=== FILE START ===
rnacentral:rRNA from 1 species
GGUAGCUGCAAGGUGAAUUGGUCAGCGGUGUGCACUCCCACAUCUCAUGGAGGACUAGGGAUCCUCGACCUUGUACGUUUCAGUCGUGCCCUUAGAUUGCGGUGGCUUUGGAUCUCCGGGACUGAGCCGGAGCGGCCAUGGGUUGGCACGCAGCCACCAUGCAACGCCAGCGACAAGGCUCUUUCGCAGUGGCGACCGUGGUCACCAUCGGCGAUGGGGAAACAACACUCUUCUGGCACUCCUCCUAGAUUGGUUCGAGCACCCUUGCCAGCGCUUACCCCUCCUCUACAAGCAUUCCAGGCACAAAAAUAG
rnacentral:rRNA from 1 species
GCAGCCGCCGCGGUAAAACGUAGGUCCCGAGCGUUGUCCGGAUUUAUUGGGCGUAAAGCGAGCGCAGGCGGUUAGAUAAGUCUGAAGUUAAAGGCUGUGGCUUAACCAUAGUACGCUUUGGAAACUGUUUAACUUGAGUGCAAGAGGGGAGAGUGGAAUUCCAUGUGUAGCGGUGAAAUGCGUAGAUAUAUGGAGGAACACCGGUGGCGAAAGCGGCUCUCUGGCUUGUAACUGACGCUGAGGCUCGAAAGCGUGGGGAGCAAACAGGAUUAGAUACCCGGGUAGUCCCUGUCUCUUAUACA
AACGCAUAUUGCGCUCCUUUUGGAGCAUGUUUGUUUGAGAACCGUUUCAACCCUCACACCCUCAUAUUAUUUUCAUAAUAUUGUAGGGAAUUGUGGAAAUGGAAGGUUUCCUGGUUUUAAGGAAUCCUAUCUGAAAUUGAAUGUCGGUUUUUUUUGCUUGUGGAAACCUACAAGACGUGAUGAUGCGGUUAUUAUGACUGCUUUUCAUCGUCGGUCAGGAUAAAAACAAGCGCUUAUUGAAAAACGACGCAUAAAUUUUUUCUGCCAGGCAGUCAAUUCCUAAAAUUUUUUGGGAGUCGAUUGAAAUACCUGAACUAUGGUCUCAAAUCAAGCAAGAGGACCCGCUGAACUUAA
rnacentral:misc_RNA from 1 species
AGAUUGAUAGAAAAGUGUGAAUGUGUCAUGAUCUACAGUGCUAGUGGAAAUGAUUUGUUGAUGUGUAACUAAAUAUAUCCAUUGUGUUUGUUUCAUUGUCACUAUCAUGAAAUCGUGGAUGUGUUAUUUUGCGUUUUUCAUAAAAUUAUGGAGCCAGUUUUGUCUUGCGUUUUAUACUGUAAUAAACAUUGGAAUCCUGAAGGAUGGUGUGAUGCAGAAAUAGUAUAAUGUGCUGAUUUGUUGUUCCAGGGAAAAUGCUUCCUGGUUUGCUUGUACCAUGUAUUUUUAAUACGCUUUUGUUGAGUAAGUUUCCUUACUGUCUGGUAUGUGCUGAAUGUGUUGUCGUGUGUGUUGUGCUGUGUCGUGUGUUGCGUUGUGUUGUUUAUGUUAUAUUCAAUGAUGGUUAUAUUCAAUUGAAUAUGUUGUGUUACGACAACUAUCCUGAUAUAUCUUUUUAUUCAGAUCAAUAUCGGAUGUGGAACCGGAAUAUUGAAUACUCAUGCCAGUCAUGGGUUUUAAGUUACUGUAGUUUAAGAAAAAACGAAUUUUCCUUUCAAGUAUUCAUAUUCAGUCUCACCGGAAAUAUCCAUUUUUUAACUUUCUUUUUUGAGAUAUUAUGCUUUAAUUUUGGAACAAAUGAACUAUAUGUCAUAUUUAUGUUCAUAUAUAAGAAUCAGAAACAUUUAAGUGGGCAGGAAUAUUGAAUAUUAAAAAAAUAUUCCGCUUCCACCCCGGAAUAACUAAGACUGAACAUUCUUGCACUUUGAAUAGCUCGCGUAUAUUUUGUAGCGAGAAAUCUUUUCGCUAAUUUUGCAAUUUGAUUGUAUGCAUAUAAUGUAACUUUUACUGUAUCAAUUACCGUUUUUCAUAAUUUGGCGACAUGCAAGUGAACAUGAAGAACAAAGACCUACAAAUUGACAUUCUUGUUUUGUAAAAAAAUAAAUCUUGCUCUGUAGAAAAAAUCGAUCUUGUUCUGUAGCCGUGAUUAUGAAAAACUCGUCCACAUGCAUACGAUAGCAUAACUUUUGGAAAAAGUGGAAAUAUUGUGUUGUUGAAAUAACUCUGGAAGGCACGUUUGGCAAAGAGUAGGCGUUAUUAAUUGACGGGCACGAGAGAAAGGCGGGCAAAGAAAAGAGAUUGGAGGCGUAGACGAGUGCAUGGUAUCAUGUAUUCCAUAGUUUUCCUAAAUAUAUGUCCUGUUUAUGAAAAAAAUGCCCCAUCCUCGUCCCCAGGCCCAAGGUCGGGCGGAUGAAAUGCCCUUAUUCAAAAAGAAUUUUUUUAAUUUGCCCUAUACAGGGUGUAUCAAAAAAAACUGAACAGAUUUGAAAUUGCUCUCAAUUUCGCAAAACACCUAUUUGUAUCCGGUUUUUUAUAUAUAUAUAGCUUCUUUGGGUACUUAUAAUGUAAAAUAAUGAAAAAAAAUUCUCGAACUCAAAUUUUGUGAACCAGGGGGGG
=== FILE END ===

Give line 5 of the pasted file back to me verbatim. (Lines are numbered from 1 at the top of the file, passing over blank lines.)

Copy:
AACGCAUAUUGCGCUCCUUUUGGAGCAUGUUUGUUUGAGAACCGUUUCAACCCUCACACCCUCAUAUUAUUUUCAUAAUAUUGUAGGGAAUUGUGGAAAUGGAAGGUUUCCUGGUUUUAAGGAAUCCUAUCUGAAAUUGAAUGUCGGUUUUUUUUGCUUGUGGAAACCUACAAGACGUGAUGAUGCGGUUAUUAUGACUGCUUUUCAUCGUCGGUCAGGAUAAAAACAAGCGCUUAUUGAAAAACGACGCAUAAAUUUUUUCUGCCAGGCAGUCAAUUCCUAAAAUUUUUUGGGAGUCGAUUGAAAUACCUGAACUAUGGUCUCAAAUCAAGCAAGAGGACCCGCUGAACUUAA